Stanislav Horuna won a historic Olympic bronze medal
32-year-old Stanislav Horuna stepped out on the mat with the same calm and cool that he showed in the European Championship final. For those of us who watch, it is a historic moment in the Olympics when the competitors step out on the tatami in Nippon Budokan in Tokyo. This is the first time karate will be in the Olympics and it is probably the last. In Stanislav Horuna’s mind, it’s like any match and any tournament. He has prepared to enter the competition as the best version of himself.
Routine and experience
In the first match, he meets the Japanese fighter Ken Nishimura. Stanislav starts the match in the way we are used to seeing him. Light on his feet, he circles his opponent to seek angles, control distances and, like a chess player, wait out his opponent. If there is one thing that Stansislav Horuna has on his side, it is the psyche, the routine and the mental strength. It takes until the end of the second minute of the match before Stanislav scores his first point with a yuko (a punch). Controlled, he wins the match 2-1. He does the same in the next match against the American Thomas Scott – he decides in the end, cool and controlled.
After going 0-0 against the Hungarian Hárspataki and losing 4-1 against Abdelaziz from Egypt, Horuna advances to the semifinals where he meets Luigi Busa from Italy, ranked number one in the world. In this match, it is Stanislav who is forced to chase, while Busa counters and showers Stanislav with blows. The match finally ends 3-0 in Busa’s favor – where he occasionally shows why he is number 1 in the WKF’s world rankings. Luigi Busa then wins the Olympic gold in the final match against the extremely experienced Rafael Aghayev from Azerbaijan.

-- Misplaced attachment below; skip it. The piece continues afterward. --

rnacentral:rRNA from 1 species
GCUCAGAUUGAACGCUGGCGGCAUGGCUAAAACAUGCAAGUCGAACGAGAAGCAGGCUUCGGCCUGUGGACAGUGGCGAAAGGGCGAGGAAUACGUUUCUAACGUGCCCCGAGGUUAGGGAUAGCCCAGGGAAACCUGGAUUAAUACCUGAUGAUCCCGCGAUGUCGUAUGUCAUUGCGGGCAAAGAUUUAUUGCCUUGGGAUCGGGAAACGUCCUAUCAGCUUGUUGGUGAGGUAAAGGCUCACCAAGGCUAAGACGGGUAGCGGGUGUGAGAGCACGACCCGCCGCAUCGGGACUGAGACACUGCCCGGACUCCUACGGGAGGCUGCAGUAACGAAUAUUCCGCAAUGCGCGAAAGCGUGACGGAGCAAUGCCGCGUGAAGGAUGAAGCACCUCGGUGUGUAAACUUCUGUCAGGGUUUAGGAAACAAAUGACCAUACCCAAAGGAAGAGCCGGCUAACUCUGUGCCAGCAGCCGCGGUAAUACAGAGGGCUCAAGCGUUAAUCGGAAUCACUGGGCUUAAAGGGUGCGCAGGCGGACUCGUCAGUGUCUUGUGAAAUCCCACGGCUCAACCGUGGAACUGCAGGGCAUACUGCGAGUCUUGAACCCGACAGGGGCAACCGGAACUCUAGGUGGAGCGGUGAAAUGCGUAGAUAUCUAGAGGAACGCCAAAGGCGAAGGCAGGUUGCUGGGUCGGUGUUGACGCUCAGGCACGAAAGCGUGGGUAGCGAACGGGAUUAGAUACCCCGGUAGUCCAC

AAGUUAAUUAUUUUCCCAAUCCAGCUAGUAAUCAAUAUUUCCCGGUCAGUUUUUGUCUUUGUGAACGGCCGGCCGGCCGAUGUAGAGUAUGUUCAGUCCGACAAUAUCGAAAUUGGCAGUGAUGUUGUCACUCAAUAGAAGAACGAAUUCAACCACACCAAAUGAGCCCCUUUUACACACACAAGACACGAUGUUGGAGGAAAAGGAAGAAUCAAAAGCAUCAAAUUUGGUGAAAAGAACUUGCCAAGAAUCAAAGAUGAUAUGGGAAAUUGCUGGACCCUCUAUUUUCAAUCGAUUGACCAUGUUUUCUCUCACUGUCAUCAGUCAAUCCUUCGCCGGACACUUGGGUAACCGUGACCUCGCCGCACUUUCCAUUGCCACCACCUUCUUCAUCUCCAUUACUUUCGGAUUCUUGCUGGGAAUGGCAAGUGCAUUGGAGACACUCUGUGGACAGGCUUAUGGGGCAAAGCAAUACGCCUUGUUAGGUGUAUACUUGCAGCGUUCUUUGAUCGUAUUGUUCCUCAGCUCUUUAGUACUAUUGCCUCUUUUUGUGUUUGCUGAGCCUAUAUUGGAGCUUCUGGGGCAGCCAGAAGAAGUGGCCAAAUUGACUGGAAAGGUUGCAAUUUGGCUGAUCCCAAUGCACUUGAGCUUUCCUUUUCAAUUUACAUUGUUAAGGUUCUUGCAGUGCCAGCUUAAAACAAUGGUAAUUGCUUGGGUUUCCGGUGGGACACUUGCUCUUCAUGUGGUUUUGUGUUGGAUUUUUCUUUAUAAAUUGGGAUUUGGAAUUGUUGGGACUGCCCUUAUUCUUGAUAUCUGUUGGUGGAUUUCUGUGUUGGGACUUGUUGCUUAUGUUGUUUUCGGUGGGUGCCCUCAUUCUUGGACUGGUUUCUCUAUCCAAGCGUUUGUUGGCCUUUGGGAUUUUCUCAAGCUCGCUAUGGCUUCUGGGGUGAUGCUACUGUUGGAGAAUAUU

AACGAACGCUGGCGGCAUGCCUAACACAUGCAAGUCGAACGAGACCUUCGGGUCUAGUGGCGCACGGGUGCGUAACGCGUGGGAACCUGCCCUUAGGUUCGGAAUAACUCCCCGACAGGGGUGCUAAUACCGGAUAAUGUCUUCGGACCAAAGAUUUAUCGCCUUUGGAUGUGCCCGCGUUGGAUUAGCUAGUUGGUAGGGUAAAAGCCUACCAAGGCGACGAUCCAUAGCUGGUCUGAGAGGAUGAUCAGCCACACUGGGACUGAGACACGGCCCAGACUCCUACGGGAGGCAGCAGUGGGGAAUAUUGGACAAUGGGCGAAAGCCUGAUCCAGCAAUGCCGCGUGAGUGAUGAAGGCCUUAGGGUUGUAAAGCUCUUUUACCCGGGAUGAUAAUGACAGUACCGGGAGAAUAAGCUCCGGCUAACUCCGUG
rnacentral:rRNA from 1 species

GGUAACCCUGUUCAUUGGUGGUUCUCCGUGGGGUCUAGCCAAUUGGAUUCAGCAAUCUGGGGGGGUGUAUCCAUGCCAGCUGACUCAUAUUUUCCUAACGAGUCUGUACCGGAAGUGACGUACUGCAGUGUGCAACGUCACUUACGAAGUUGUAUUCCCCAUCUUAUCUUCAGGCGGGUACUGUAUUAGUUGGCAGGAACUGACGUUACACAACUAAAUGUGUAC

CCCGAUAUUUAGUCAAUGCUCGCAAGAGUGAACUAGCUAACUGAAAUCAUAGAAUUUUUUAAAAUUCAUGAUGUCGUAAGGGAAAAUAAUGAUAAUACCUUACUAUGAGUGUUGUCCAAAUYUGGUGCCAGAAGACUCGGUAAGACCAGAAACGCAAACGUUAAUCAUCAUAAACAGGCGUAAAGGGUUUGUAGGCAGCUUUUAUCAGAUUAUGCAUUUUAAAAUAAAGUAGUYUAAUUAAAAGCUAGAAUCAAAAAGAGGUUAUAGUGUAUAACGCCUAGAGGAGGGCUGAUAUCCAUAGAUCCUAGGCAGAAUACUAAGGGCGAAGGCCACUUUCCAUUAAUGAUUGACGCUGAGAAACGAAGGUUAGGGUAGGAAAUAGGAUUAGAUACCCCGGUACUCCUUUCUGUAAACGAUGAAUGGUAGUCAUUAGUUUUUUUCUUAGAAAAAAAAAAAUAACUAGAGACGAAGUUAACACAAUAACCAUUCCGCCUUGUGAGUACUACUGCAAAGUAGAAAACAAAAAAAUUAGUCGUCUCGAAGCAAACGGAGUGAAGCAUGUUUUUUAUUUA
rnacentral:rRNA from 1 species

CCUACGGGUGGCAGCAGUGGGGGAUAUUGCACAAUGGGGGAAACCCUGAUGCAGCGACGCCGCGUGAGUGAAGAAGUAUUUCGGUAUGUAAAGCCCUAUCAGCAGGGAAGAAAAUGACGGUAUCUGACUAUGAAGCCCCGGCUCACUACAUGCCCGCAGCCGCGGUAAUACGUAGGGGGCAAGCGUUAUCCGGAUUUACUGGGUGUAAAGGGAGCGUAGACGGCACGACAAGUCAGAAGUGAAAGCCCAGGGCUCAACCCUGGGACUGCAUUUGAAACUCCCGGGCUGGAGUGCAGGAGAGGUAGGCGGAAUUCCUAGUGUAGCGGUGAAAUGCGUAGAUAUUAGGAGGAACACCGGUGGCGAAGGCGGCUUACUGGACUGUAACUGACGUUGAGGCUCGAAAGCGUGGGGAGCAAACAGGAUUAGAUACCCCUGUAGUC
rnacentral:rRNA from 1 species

Unique moment in the history of karate
It is a historic Olympic event that takes place on the tatami in the historic Nippon Budokan arena in Tokyo. This is the first and probably last time we will see the Olympic rings on a karate-gi. Unfortunately, karate will not be included in Paris 2024. This means that the medals are unique in the history of karate.
The Olympic tournament was characterized by everything we love about karate and the Olympics: the grounded respect for each other, the sportsmanship, the honor and the almost surgical control you can see in the kicks and punches. Stanislav Horuna embodies those qualities. He is a role model for everyone who practices martial arts – old and young. And during these August days, he became historic.
The 2020 Olympic Games were historic in several ways. For a moment, we were allowed to forget that the games were actually preceded by one of the worst pandemics we have ever seen. Where the Olympics it selves were even postponed for a whole year. And where dojos and competitions were shut down. For many of us who train and love martial arts, our entire training life has been on a paus. But when we finally got to see the wrestling, boxing, taekwondo, judo and karate, it was as if we could finally start hoping again. When I interviewed Stanislav before the Olympics, he said that he treated the Olympics like any other tournament. But for those of us who watched, it was something much bigger.
You can read our earlier articles about the Olympic journey of Stanislav Horuna here: Stanislav Horuna shows gold form before the Olympics!
and here Stanislavs road to OS 2020 in Tokyo